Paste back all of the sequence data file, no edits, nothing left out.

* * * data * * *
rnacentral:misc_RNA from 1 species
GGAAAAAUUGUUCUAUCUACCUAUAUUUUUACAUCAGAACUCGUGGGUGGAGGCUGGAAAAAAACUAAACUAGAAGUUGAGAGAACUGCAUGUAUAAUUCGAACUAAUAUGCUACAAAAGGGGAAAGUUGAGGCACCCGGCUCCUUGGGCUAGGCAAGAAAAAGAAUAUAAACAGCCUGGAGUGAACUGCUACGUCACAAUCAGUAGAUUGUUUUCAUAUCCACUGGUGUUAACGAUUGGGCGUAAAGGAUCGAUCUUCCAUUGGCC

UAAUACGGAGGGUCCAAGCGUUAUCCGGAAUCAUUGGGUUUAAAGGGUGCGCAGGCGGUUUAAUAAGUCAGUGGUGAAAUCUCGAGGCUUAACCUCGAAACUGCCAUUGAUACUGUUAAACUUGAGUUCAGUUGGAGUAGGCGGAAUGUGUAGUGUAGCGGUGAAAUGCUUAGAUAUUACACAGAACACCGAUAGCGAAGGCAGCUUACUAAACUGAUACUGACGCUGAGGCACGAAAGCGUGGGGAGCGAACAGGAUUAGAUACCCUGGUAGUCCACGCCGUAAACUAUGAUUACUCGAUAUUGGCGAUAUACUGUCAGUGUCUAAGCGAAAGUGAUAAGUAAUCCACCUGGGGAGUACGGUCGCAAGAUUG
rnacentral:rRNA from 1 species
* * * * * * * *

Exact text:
rnacentral:misc_RNA from 1 species
GGAAAAAUUGUUCUAUCUACCUAUAUUUUUACAUCAGAACUCGUGGGUGGAGGCUGGAAAAAAACUAAACUAGAAGUUGAGAGAACUGCAUGUAUAAUUCGAACUAAUAUGCUACAAAAGGGGAAAGUUGAGGCACCCGGCUCCUUGGGCUAGGCAAGAAAAAGAAUAUAAACAGCCUGGAGUGAACUGCUACGUCACAAUCAGUAGAUUGUUUUCAUAUCCACUGGUGUUAACGAUUGGGCGUAAAGGAUCGAUCUUCCAUUGGCC

UAAUACGGAGGGUCCAAGCGUUAUCCGGAAUCAUUGGGUUUAAAGGGUGCGCAGGCGGUUUAAUAAGUCAGUGGUGAAAUCUCGAGGCUUAACCUCGAAACUGCCAUUGAUACUGUUAAACUUGAGUUCAGUUGGAGUAGGCGGAAUGUGUAGUGUAGCGGUGAAAUGCUUAGAUAUUACACAGAACACCGAUAGCGAAGGCAGCUUACUAAACUGAUACUGACGCUGAGGCACGAAAGCGUGGGGAGCGAACAGGAUUAGAUACCCUGGUAGUCCACGCCGUAAACUAUGAUUACUCGAUAUUGGCGAUAUACUGUCAGUGUCUAAGCGAAAGUGAUAAGUAAUCCACCUGGGGAGUACGGUCGCAAGAUUG
rnacentral:rRNA from 1 species